balism , the cabt skins and the interior
of the egg capsules are said to bo oaten
by thorn , and other insects arc occasion
ally devoured Among the latter is said
to be the common bedbug , which , 11
true , is a point in favor of the cockroach.
Complexion powder is an absolute ne
cessity of the refined toilet in this cli
mate. Po/zoni's combines every cle
ment of beauty and purity.
A curious mubeuin has been opened a
Dresden. In it are collected boots , shoos
und slippers which oraperors , kings
queens , princes and other famous per
sons have worn. "Among them are a
pair of boots worn by Napoleon I. nt the
battle of Dresden , on April 27,1813 , and
a pair of white satin shoos , embroidered
In gold , which the same great emperor
wore on the day of his coronation ; an
other pair of strong leather boots whicl
belonged to the famous French Marsha
Murat , afterward king of the Two
Sicilies ; a pair of high heeled boots o
Maria Theresa ; boots of the phlloso
phor , Kant. " .
Jams' 1877 Brandy.purest.saffst&bost
GEN , SBERIDAN'S ARTICLE ,
Romlnisconooa of His Experiences
in the Gorman Army.
LITTLE CORPORAL'S SURRENDER
Bismarck , the Soldier and Statesman
Glimpses of Camp Lit To Dur
ing the Great War The
"From Gravolotto to Sedan. "
In the November number of Scrib-
ner's is found the highly interesting article -
ticlo from the pen of the late General
Phil Sheridan , "From Gravelotto to
Sedan. " Following are extracts from
BHKJUDAN'S MEETING WITH IUSMAKCK.
When the count received mo ho was
clothed in the undress uniform of the
cuirassier regiment of which ho was the
colonel. During the interview which
ensued , ho exhibited nt times deep anx
iety regarding the conflict now immi
nent , for it was the night before the
battle of Gravelotto , but his convorsa-
sation was mostly devoted to the state
of public sentiment in America , about
which ho seemed much concerned , in
quiring repeatedly as to which side
Franco or Prussia was charged with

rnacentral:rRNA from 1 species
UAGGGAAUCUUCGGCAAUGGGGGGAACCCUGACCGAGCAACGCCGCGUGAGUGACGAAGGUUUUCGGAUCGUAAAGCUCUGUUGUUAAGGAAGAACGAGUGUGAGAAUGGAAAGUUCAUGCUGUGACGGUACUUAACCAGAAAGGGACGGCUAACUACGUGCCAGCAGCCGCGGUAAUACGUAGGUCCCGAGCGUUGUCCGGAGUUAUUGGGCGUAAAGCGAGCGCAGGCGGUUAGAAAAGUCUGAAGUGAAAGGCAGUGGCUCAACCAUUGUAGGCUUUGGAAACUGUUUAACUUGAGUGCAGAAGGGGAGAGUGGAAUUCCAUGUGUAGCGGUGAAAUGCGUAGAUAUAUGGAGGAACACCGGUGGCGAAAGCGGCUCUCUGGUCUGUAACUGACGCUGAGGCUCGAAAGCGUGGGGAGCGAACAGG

bringing on the war. Expressing a
desire to witness the battle
which was expected to occur the
next day , and remarking that I had
not had suHlciont time to provide the
necessary transportation , he told mo to
bo ready at 4 o'clock in the morning
and ho would take mo in his own car
riage and present mo to the king , add
ing that ho would ask ono of his own
staff officers , who ho know had ono or
two extra horses , to land mo ono. As I
did not know just what my status would
bo , and having explained to the presi
dent before leaving America that I
wished to accompany the Gorman army
unofficially , I hardly know whether to
appear in uniform or not , so I spoke of
this matter , too , and the count , aflor
some reflection , thought it best for mete
to wear my undressed uniform , minus
the sword , howovar , because I was a
On the way Count Bismarck again re
curred to the statb of public opinion in
America , with reference to the war.
Ho also talkodunuch about our form of
government , and said that in early life
his tendencies we're all toward republi
canism , but that family influence had
overcome his. , pceforonccs , and inti
mated that aftorradopting a political
career ho found that Germany was not
sufficiently advanced for republicanism.
Ho said further that ho had been re
luctant to ontor'upon this public career ;
that ho had always longed to bo a sol
dier , but that hero again family position
had turned him from the Hold of his
choice into the sphere of diplomacy.
bllEUIOAN IN Til 1C OKItMAN CAM ! ' .
On the afternoon of August 21,1 had
the pleasure of dining with the king.
The dinner was a simple onoconsisting
of soup , a joint , and two or three vege
tables ; the wines , vin ordinaire und
Burgundy. There wore a good many
persons of high rank present none of
whom spoke English , however , except
Bismarck , who sat next the king and
acted as interpreter whan his majesty
conversed with mo. Little was said ol
the events taking pluco around us , but
the king made many inquiries concern
ing the war of the rebellion , particu
larly with reference * to Grant's cam
paign at Vicksburg , suggested perhaps
by the fact that thord.and in the rooenl
movements of the Gorman army , had
> eon applied many similar principles of
1HSMA11CK IX THE FIELD.
I found him wrapped in a shabby old
dressing gown , hard at work. Ho was
established in a very small room , whoso
only furnishings consisted of a table
at which he was writing a couple of
ough chaira , and thouniversal feathered -
> od , this time made on the floor in ono
corner of the room. On ray remarking
upon the limited character of his quar
ters , the count replied , with great good
humorthat they were all right and that
lie should get along well anough. Even
the tramp of his clerks in the attic und
the clanking of his orderlies' sabres
below did not disturb him much ; ho
said , in fact , that he would have no